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recently voting for statehood. it is well past the time to grant them the rights that they have been fighting for and that they deserve. as i said, mr. speaker, i rise as speaker of the house on this momentous occasion, but it is an official honor to do so, but it is also a personal privilege to join congresswoman eleanor holmes norton, the distinguished chair of the committee of jurisdiction, congresswoman maloney, and others of my colleagues, distinguished majority leader, mr. hoyer, who has made this part of his life's work in the congress. to join in the fight for statehood. as i say, a personal privilege because when i was born my father was a member of congress from baltimore, maryland, thomas d'alesandro, jr. he served as chairman of the district of columbia appropriations subcommittee. that position made him the
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unofficial mayor of washington because of the authority that the committee had over the district of columbia and their every decision. however, my father did not agree with that. he was a proponent for home -- what was then called home rule, often say statehood for the district of columbia is in my d.n.a. it went from home rule, then finally having a mayor, and now we want statehood. there is not -- we have always wanted statehood but now we finally are able to pass it in the congress. there is nothing theoretical or abstract about statehood. for example, last summer the country watched in horror as federal agents and out-of-state national guard troops were deployed against peaceful protestors in the district without residents' approval. and then on january 6, as our capitol was being defiled and our capitol police assaulted and killed, and members and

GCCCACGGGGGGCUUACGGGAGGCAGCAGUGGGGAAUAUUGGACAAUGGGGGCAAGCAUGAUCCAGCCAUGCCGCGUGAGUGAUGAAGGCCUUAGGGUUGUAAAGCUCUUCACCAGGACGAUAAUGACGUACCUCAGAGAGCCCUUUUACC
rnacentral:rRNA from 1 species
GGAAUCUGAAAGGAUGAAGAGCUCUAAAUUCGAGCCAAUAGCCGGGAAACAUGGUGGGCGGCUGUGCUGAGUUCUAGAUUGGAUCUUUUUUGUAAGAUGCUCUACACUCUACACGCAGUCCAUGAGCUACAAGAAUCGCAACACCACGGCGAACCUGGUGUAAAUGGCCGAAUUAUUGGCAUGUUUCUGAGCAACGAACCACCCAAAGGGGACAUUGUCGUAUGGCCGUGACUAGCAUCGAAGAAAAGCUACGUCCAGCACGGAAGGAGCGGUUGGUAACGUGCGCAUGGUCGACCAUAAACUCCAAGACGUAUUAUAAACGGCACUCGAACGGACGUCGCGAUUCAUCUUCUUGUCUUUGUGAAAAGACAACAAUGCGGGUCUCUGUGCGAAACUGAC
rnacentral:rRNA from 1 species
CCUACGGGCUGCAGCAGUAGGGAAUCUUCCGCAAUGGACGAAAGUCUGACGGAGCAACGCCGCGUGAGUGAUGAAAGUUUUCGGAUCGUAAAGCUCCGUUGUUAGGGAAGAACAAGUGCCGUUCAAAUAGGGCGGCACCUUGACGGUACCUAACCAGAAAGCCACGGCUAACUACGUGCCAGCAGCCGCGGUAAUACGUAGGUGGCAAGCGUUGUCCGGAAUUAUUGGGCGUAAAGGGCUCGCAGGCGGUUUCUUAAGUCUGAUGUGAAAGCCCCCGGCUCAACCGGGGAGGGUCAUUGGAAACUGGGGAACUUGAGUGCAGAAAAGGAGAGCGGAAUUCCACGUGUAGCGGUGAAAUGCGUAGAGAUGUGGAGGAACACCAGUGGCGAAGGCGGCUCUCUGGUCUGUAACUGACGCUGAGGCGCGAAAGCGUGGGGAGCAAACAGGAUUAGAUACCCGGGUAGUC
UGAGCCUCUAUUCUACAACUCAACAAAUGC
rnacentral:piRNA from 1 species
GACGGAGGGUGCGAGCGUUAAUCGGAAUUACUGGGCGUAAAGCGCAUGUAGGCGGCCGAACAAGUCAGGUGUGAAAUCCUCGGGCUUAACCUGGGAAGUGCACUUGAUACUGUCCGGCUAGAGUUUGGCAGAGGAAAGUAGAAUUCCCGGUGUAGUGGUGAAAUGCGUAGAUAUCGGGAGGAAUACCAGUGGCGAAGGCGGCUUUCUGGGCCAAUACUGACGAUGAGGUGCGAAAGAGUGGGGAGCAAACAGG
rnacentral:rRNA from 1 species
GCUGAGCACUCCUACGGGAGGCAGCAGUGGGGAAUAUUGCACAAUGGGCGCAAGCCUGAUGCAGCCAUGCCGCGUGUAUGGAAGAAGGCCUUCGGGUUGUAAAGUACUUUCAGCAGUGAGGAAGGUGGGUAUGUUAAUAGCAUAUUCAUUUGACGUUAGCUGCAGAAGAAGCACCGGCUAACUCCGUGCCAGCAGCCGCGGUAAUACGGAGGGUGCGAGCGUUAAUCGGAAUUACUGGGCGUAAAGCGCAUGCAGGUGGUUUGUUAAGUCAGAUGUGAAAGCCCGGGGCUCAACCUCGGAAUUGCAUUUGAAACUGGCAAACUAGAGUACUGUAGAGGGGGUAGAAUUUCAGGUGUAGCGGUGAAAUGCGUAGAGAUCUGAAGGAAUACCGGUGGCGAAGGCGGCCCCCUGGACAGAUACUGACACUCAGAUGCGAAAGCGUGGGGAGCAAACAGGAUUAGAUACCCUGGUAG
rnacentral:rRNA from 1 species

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staff terrorized, d.c. leaders did not have the authority to call in the national guard to protect its people. granting d.c. statehood means ensuring its leaders have the tools they need to keep people safe. the governor of any one of our states has the authority to call in the national guard. that is not an authority that is afforded to the mayor of washington, d.c. if that were the case we would have had protection much sooner. statehood is also a matter of civil rights. the residents of the district have a right to self-governance and control over their lives and futures. and is particularly meaningful that we pass this legislation just days after the anniversary of president abraham lincoln signing the district of columbia compensation emancipation act, freeing enslaved people in the district. today by passing h.r. 51 to
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admit the state of washington, douglass commonwealth to the union, the house will finally address this unjust, unequal, and undemocratic situation. we look forward to a swift vote in the senate on this essential legislation so that we can send this important legislation to the president's desk. at the same time house democrats will continue our work to protect every american's right to be heard at the ballot box. with that i urge a strong vote for d.c. statehood 51, h.r. 51, 51 states, easy to remember, and for its citizens' civil liberties, security, and right to have a say in our democracy. as i yield back, i once again want to commend representative eleanor holmes norton for her long dedication to justice for every person in our country.